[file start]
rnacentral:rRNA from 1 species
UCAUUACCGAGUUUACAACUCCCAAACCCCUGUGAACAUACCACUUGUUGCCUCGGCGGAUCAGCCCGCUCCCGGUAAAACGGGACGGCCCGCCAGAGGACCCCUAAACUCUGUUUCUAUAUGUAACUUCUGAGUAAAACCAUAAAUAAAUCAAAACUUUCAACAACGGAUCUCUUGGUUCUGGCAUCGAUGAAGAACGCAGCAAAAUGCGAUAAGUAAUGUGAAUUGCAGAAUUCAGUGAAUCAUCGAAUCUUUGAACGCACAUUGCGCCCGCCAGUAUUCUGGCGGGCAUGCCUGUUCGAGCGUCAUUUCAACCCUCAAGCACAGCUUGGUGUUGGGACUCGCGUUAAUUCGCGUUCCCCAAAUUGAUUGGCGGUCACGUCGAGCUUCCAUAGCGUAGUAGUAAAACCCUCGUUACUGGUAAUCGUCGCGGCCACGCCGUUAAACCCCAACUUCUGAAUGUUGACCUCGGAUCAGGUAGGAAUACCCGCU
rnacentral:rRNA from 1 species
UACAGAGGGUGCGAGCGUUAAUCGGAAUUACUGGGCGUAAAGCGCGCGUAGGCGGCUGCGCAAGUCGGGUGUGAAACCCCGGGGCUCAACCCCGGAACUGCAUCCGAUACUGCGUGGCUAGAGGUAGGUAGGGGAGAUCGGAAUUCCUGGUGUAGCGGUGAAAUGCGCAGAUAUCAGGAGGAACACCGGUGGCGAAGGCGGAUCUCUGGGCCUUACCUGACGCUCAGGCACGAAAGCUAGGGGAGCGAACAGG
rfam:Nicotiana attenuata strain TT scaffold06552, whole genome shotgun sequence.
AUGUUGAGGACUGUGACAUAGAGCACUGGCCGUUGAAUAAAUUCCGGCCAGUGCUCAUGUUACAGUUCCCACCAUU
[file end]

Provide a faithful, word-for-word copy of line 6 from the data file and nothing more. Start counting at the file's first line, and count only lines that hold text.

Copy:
AUGUUGAGGACUGUGACAUAGAGCACUGGCCGUUGAAUAAAUUCCGGCCAGUGCUCAUGUUACAGUUCCCACCAUU